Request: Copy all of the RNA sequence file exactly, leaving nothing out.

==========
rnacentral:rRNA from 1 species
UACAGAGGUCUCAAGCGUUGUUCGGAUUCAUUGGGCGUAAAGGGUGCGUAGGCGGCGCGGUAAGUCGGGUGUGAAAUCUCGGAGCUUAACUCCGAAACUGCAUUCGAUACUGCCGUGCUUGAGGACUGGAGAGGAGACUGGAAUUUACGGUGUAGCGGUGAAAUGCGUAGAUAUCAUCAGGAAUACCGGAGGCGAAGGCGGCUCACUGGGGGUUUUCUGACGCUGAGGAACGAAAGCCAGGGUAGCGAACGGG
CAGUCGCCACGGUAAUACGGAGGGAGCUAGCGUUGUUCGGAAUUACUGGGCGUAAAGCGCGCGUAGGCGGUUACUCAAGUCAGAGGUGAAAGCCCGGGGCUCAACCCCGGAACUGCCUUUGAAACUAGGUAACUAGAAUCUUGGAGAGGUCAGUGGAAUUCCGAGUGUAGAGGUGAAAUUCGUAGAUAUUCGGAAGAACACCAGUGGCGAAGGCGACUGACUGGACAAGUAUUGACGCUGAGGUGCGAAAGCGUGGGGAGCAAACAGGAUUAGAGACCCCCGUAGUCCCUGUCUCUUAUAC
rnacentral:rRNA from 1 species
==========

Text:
rnacentral:rRNA from 1 species
UACAGAGGUCUCAAGCGUUGUUCGGAUUCAUUGGGCGUAAAGGGUGCGUAGGCGGCGCGGUAAGUCGGGUGUGAAAUCUCGGAGCUUAACUCCGAAACUGCAUUCGAUACUGCCGUGCUUGAGGACUGGAGAGGAGACUGGAAUUUACGGUGUAGCGGUGAAAUGCGUAGAUAUCAUCAGGAAUACCGGAGGCGAAGGCGGCUCACUGGGGGUUUUCUGACGCUGAGGAACGAAAGCCAGGGUAGCGAACGGG
CAGUCGCCACGGUAAUACGGAGGGAGCUAGCGUUGUUCGGAAUUACUGGGCGUAAAGCGCGCGUAGGCGGUUACUCAAGUCAGAGGUGAAAGCCCGGGGCUCAACCCCGGAACUGCCUUUGAAACUAGGUAACUAGAAUCUUGGAGAGGUCAGUGGAAUUCCGAGUGUAGAGGUGAAAUUCGUAGAUAUUCGGAAGAACACCAGUGGCGAAGGCGACUGACUGGACAAGUAUUGACGCUGAGGUGCGAAAGCGUGGGGAGCAAACAGGAUUAGAGACCCCCGUAGUCCCUGUCUCUUAUAC
rnacentral:rRNA from 1 species